It's not unusual to hear that excessive fraternity hazing resulted in death or serious injury. The subject is topical right now due to at least two deaths in the state attributed to hazing in the past year. The most recent event occurred in Nov. 2014 when a 19-year-old man died in a hazing incident that has netted five criminal arrests to date. The fifth arrest – made just recently by the Albany police – was of a 20-year-old male who, like the other four, had been a student at the State University of New York at Albany. The men are charged with the criminal offense of first-degree hazing, a misdemeanor.
Hazing usually involves several days or weeks of a grueling disciplinary regimen that the fraternity's upperclassmen impose on the incoming group of pledges. Apparently, the test of extreme physical endurance and the willingness to carry out outrageous pranks for the fraternity is thought to exemplify the pledge's commitment and loyalty. The brutality of the hazing protocol, however, sometimes jumps over the line from jocular gamesmanship into criminally liable behavior.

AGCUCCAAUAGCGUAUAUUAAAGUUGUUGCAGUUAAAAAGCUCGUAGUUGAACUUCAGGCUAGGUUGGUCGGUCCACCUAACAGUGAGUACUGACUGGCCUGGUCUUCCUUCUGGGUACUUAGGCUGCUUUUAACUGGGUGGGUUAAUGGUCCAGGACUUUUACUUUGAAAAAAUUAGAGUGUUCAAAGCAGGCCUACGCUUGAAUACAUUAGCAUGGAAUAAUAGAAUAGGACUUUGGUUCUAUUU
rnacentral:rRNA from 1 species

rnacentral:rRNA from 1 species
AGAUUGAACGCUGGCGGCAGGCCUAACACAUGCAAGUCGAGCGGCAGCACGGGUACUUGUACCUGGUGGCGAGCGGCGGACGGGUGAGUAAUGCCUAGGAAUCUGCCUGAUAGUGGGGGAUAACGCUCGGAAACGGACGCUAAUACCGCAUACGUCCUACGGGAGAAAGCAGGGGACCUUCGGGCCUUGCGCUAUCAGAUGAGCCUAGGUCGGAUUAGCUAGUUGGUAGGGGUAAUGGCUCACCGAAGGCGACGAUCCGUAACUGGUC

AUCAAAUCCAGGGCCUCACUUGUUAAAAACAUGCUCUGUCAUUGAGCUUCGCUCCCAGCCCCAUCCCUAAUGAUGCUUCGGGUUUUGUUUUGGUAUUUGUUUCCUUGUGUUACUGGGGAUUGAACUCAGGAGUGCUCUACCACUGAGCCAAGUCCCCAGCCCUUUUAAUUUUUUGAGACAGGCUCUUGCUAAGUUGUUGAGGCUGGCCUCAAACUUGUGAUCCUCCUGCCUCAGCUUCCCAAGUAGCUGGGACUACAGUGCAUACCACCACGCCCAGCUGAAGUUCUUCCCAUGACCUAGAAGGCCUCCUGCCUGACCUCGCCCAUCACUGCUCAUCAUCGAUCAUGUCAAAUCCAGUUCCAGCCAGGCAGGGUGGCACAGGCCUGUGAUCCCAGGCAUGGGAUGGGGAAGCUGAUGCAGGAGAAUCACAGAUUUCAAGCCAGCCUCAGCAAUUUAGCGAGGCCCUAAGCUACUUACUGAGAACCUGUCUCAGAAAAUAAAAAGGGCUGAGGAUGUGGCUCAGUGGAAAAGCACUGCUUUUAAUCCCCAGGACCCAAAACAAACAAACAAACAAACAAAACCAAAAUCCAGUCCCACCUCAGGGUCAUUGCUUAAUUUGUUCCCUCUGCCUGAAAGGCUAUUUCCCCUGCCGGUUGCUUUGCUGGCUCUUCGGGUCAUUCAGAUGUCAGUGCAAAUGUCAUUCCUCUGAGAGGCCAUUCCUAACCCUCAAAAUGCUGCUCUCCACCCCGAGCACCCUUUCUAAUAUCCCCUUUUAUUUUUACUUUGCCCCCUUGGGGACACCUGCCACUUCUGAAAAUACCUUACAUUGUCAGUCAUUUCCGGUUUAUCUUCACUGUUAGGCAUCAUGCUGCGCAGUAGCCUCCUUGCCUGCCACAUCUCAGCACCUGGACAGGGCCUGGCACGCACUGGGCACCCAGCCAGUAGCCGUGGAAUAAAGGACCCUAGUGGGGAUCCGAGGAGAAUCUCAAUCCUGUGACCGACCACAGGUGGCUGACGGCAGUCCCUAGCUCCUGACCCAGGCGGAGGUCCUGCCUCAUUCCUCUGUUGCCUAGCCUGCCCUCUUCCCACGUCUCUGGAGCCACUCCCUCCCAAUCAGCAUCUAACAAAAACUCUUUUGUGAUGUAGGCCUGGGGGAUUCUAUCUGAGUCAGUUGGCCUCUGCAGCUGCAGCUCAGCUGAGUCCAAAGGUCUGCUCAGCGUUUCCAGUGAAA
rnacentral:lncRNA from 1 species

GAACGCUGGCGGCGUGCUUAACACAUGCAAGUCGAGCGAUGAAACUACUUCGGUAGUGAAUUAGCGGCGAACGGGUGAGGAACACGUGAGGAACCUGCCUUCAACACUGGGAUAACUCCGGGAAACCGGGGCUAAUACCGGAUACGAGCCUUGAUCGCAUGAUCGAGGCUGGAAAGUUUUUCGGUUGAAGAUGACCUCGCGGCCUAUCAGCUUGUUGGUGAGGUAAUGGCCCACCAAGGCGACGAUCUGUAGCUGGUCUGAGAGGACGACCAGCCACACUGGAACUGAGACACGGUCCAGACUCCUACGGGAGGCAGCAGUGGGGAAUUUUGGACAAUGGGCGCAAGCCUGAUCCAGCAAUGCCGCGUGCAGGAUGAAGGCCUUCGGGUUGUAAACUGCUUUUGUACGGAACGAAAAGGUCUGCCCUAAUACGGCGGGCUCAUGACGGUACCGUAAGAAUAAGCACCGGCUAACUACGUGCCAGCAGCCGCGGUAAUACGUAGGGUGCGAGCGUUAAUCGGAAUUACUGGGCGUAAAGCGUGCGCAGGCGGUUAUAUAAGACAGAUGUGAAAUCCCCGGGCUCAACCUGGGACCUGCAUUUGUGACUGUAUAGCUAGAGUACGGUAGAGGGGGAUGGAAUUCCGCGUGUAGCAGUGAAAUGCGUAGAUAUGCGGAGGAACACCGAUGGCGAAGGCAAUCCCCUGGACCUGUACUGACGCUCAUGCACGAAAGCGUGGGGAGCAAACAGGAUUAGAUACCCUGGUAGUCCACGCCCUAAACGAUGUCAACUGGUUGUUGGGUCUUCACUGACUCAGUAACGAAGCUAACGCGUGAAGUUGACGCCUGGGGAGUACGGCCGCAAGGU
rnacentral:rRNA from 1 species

The recent death was relatively straightforward: police say that the man was ordered to drink 1.75 liters of the alcohol of his choice. He died of anoxic encephalopathy, which refers to general brain damage due to oxygen deprivation. Although heavy drinking is often a popular pastime of male fraternity members, some individuals do not have the physical stamina or tolerance of alcohol to withstand a highly massive infusion of the chemical.
It is well-known that an intensely excessive, acute alcohol intake can have traumatic effect and cause serious bodily injury. It is therefore possible that the police will file homicide charges before their investigation is completed. In fact, they announced that additional individuals may be arrested. Depending on all of the facts, criminal defense counsel may find some viable defenses to the New York criminal offense of hazing. For one thing, because encephalopathy has a large number of organic and inorganic causes, counsel will want to determine whether the alcohol binge caused the death or whether some other pathology was partly or solely at fault.
Source: nbcnews.com, "Fifth Person Arrested After Fraternity Hazing Death in Albany, N.Y.", Tim Stelloh, Oct. 26, 2015